Written by Ania Udalowska
A well-designed Blackboard module may mean different things for different people. We asked our group of Student Learning Ambassadors to brainstorm what does it mean to them that a module is well-design. The findings of this discussion divided into categories can be found below.
Teaching schedule – showing what is expected throughout the semester (which is carried out throughout the design of the module in folders). It is not necessary to have to release all content at the start of the module rather a roadmap showing students what they need to plan for. Download the teaching schedule example:
Module handbook – one of the students explained that the handbook is almost like a contract between a student and a module coordinator. It should include all essential information (which may be, and in some cases, should be also included in different sections, e.g., all assessment-related information in Assessment & Feedback). Take a look at this blog post on comprehensive handbooks.
FAQs on the module – FAQs could be generated throughout the module based on queries received by the module coordinator and could be then used to help future students, e.g., what textbook is best / how do you set the assignment out/ suggestions of resources to help with a tricky concept etc. You could use the discussion board functionality to ask students for questions they want to know answers to.
Short introduction video – it would be nice to include a video that welcomes students into the module, explains how to navigate it and briefly outlines what will the teaching schedule look like. It does not have to be long nor formal!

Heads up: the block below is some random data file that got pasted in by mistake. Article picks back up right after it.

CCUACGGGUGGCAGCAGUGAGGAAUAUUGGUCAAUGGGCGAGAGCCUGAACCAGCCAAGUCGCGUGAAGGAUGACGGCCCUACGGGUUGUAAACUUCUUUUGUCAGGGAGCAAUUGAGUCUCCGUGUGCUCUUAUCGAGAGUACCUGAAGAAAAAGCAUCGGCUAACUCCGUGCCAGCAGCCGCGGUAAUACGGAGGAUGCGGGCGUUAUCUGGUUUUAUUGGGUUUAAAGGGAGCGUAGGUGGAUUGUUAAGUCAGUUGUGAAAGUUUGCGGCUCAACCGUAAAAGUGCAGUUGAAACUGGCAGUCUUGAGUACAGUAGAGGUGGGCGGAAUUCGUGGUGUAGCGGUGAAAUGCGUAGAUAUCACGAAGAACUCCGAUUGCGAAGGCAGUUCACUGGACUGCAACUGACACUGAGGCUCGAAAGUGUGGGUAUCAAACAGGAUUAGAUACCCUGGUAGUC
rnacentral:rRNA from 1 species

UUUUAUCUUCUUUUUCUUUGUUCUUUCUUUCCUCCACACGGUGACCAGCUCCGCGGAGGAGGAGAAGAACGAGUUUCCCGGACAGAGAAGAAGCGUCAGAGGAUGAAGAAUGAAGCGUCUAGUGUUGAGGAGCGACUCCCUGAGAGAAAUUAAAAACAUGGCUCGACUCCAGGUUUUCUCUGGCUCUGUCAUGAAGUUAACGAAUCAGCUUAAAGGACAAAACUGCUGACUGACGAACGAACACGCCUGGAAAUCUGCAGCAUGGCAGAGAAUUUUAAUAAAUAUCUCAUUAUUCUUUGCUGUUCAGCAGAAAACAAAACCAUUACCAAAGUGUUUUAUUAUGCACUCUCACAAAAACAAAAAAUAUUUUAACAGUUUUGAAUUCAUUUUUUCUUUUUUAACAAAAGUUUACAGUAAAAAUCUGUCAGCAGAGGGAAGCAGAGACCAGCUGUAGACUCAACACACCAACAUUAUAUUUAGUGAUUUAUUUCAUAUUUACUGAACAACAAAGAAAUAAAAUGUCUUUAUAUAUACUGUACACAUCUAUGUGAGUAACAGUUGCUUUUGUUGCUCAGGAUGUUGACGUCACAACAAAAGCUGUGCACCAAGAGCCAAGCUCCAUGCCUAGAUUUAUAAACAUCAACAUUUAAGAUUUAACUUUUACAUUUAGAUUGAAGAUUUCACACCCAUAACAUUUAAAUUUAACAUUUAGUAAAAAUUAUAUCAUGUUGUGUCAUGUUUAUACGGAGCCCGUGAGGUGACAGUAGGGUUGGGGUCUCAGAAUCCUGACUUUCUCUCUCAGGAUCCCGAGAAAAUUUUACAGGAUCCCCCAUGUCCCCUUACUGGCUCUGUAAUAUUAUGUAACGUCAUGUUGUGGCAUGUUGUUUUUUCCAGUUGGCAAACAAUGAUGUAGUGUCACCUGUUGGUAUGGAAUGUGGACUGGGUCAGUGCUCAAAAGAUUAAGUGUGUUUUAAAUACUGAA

Folders – content should be divided into weeks (or topics). It should correspond with the teaching schedule. Consistency within folders is just as important, try to include the same type of learning materials in each folder (you can use small icons to indicate the type of activity) and keep them in a consistent order:
- Live session preparation tasks – make it clear what needs to be done.
- Teams links to live sessions.
- Pre-recorded lectures (clear/ small chunks/ and no background noise)
- Lecture slides and lecture handouts with space for notes (how to convert PowerPoint slides into handouts)
- Activities to complete that give instant results/feedback to test knowledge. You could use Blackboard tests or Panopto quizzes.
- Examples, relating theory to real-world as much as possible.
- Reading – which items from the reading list refer to that week’s content.
Note: Where possible use review status and adaptive release – students progress at a different pace, some prefer for the content to be released all at once, others in stages. Having the review status and adaptive release can give students control over how much content they see at once and it also helps them to stay organised.